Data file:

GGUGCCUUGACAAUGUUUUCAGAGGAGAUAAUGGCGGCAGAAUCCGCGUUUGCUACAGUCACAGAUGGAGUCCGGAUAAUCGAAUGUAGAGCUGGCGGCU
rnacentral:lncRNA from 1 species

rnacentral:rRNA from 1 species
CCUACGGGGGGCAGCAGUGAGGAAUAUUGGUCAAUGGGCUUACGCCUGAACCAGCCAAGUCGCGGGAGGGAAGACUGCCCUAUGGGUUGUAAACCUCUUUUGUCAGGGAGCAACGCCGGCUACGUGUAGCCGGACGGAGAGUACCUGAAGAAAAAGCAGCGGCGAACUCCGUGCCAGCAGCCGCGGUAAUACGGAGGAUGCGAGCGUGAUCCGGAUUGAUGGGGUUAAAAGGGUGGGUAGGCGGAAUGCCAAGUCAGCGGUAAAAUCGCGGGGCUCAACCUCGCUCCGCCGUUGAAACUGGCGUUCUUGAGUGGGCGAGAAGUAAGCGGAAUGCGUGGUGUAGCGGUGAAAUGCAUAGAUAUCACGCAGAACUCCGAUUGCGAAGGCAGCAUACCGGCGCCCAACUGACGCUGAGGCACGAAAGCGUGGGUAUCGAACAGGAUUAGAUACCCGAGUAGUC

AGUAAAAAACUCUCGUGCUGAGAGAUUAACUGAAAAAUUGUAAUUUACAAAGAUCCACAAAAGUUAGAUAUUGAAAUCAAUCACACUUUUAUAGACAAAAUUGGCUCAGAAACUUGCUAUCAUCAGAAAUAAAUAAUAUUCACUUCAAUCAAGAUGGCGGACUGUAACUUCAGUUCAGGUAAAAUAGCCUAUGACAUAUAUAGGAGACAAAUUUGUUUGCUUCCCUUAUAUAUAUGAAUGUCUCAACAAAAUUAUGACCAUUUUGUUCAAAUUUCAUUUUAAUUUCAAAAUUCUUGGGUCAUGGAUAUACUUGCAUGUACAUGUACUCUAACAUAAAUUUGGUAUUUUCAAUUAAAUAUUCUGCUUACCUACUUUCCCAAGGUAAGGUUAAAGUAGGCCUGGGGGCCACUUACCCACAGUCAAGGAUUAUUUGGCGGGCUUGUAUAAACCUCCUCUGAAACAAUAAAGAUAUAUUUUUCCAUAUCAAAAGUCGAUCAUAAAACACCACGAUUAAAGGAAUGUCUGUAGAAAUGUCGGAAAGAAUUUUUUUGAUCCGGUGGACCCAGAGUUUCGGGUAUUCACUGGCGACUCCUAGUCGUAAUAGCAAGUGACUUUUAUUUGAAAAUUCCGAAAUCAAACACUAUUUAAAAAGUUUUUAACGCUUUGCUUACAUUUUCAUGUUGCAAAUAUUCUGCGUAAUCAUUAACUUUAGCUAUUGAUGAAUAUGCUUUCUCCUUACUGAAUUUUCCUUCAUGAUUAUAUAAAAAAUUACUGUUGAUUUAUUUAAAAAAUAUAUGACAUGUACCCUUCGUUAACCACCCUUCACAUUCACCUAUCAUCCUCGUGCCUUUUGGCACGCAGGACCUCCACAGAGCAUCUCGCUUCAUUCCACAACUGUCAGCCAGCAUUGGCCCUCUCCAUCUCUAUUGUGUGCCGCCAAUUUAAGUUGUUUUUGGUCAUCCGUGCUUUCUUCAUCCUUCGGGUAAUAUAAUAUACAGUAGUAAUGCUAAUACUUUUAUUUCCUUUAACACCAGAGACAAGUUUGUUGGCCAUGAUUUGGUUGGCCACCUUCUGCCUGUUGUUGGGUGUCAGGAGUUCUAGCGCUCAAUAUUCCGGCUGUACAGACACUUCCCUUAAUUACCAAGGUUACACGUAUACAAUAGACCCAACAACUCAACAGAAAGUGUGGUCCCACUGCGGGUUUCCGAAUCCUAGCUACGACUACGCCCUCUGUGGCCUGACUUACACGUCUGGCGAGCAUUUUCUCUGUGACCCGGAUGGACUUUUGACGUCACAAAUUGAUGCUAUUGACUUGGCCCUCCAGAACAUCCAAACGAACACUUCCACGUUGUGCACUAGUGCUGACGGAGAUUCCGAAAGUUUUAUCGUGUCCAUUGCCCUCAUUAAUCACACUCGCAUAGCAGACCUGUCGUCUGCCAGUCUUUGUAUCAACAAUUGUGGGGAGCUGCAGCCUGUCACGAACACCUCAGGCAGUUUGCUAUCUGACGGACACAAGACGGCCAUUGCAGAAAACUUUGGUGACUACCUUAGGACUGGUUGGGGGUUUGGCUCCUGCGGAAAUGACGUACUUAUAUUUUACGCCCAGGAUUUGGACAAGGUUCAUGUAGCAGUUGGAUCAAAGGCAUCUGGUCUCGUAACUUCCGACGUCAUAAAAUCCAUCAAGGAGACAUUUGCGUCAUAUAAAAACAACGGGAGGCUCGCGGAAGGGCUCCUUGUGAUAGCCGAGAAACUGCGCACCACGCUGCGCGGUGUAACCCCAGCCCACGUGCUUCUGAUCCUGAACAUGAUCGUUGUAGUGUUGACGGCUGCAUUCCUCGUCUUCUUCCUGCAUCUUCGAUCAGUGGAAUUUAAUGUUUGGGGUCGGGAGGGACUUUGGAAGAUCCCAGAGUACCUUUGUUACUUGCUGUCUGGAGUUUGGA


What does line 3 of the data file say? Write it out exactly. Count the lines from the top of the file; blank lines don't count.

rnacentral:rRNA from 1 species